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Probability theory


Probability theory


Academic year 2019/2020

Course ID
Teaching staff
Prof. Laura Sacerdote (Lecturer)
Prof. Federico Polito (Lecturer)
Prof. Bruno Toaldo (Lecturer)
1st year
Teaching period
First semester
D.M. 270 TAF B - Distinctive
Course disciplinary sector (SSD)
MAT/06 - probabilita' e statistica matematica
Formal authority
Type of examination
Written and oral
An undergrauate level class in Probability and good knowledge of real analysis. Good abilities in elementary probabilistic problem solving are also necessary for the success in this class.
Propedeutic for
Stochastic Processes, Statistics for Stochastic Processes and EDS-Stochastic Dfferential Equations use concepts and tools introduced in this course.

Sommario del corso


Course objectives

Topics taught  in this class are essential tools required to a statistician and a probabilist. They are fundamental  for any modern mathematician. Students re-think to subjects  of their undergraduate studies with a different level of abstraction.This new approach allows them to control some  advanced methods of probability theory, useful for applications as wel as  for research.


Results of learning outcomes

Knowledge and Understanding

Students attain a detailed knowledge of the foundations of modern theory of probability and related topics in measure theory.

Applying Knowledge and Understanding

Students attain good ability in probabilistic problem solving becoming able to deal both with theoretical and applied problems related with conditional expectation, convergence features, characteristic functions and martingales.

Making Judgements and Learning Skills

Students become able to prove new results related with the studied theory and to deepen topics by looking at suitable scientific articles and alternative textbooks.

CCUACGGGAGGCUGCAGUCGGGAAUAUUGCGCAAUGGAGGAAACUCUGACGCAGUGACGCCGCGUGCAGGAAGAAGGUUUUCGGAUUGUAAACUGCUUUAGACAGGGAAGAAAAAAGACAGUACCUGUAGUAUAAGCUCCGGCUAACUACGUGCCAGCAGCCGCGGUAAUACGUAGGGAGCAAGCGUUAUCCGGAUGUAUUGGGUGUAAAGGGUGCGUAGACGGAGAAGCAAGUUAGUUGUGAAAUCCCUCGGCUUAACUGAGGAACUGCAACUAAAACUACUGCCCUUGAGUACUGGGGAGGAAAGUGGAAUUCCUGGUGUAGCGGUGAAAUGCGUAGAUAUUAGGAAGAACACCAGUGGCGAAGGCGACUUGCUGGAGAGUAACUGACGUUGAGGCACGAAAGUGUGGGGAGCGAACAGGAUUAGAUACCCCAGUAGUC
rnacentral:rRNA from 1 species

Communication Skills

Students become able to properly use English and probability to correctly present in written and oral forms their theoretical studies and the results of exercises and homeworks.


Course delivery

There will be 72 hours of lessons, including 16 hours of in class exercises. Personal training on assigned exercises is important for the success in this class.


Learning assessment methods

The final exam includes both a written and an oral test. The two tests are scheduled on different dates. The written test is valid until the following oral exam. The written test requires the solution of two exercises and the proof of a theorem, proposition, property (selected from those discussed during classes). It is mandatory to pass this test to be admitted to the oral test. Only for the winter session, the written test is reduced to one exercise on martingales and the proof of a theorem if the student has passed the homeworks given during the lessons. The use of textbooks and personal notes during the written test is not allowed. The oral examination includes a discussion on the written test as well as two questions, taken at random by the student. The list  of the possible questions for the oral examination will be provided in advance. For the A.Y. 2019/2020 the final grade is determined in the following way: let x = MAX(grade of written exam, grade of oral exam), y = MIN(grade of written exam, grade of oral exam); the final grade is given by z = 0.7*x + 0.3*y and then rounding it to the closest integer.

During the Covid-19 emergency the learning assessment method will consist in a written exam followed by an oral exam via Webex video conference system.


Support activities

The course include exercises classes; extra exercises are suggested as homework.



  • Overview of elementary probability
  • Construction of probability measures on R and random variables
  • Integrals with respect to probability measures
  • Independent random variables
  • Distributions on Rn
  • Sums of random variables
  • 0-1 Laws
  • Convergence of sequences of random variables
  • Weak convergence and characteristic functions
  • Laws of large numbers and central limit theorem
  • Conditional expectations
  • Discrete time martingales
  • Optional stopping
  • Doob decomposition
  • Martingale inequalities
  • Convergence properties of discrete time martingales
  • Introduction to continuous time martingales

Suggested readings and bibliography



  • Çınlar, E., "Probability and Stochastics", Springer, 2011.
  • Durrett, R., "Probability: Theory and Examples", Cambridge, 2010.

Further suggested books: 

  • Williams, D., "Probability with Martingales", Cambridge University Press, 2001;
  • Shiryaev, A.N., "Probability", Springer, 1996;
  • Billingsey, P., "Probability and Measure", Wiley-Interscience, 1995;
  • Feller, W. "Introduction to Probability Theory and Applications", 2 Volumes, Wiley, 2008;
  • Varadhan, S.R.S., "Probability Theory", AMS, 2001;
  • Jacod, J., Protter, P., "Probability Essentials", Springer, 2004.


Class schedule



Attention: students must register on the exams web-page to be admitted to the written/oral exams (in time). Unregistered students will not be admitted, being impossible to register their final mark.


Last update: 05/05/2020 15:18
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